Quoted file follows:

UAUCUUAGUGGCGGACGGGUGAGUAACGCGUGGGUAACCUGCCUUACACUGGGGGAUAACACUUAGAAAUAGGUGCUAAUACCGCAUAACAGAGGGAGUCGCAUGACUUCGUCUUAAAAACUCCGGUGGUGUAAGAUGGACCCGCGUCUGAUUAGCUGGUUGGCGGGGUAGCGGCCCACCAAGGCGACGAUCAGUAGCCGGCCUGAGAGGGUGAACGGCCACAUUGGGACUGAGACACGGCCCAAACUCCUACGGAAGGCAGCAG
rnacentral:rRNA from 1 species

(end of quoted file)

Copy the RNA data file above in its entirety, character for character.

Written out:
UAUCUUAGUGGCGGACGGGUGAGUAACGCGUGGGUAACCUGCCUUACACUGGGGGAUAACACUUAGAAAUAGGUGCUAAUACCGCAUAACAGAGGGAGUCGCAUGACUUCGUCUUAAAAACUCCGGUGGUGUAAGAUGGACCCGCGUCUGAUUAGCUGGUUGGCGGGGUAGCGGCCCACCAAGGCGACGAUCAGUAGCCGGCCUGAGAGGGUGAACGGCCACAUUGGGACUGAGACACGGCCCAAACUCCUACGGAAGGCAGCAG
rnacentral:rRNA from 1 species